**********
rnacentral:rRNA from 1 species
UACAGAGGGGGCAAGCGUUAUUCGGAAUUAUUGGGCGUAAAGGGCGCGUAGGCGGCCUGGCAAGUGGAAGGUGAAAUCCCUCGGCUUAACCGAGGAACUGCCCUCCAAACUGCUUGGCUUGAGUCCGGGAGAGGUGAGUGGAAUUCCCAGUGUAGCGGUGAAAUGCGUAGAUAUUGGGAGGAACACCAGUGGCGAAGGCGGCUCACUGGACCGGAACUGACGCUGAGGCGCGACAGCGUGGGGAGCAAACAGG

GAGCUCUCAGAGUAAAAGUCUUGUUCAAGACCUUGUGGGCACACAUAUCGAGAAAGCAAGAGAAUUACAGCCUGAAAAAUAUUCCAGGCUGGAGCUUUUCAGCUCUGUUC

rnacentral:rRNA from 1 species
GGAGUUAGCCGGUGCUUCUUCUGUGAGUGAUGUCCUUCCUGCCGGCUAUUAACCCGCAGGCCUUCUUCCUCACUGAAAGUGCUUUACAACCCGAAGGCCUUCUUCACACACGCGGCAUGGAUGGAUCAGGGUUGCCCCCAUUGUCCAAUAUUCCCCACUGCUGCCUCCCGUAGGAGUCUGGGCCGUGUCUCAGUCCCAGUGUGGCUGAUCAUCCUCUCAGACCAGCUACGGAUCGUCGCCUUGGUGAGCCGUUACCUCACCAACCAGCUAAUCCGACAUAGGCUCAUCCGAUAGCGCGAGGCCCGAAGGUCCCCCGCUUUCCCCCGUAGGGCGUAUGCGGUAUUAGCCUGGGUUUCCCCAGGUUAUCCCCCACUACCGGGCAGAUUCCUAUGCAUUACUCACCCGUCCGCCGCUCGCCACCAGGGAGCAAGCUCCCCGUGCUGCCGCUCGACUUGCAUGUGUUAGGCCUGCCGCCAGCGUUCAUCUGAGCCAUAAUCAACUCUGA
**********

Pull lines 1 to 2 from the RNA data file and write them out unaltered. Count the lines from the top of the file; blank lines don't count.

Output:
rnacentral:rRNA from 1 species
UACAGAGGGGGCAAGCGUUAUUCGGAAUUAUUGGGCGUAAAGGGCGCGUAGGCGGCCUGGCAAGUGGAAGGUGAAAUCCCUCGGCUUAACCGAGGAACUGCCCUCCAAACUGCUUGGCUUGAGUCCGGGAGAGGUGAGUGGAAUUCCCAGUGUAGCGGUGAAAUGCGUAGAUAUUGGGAGGAACACCAGUGGCGAAGGCGGCUCACUGGACCGGAACUGACGCUGAGGCGCGACAGCGUGGGGAGCAAACAGG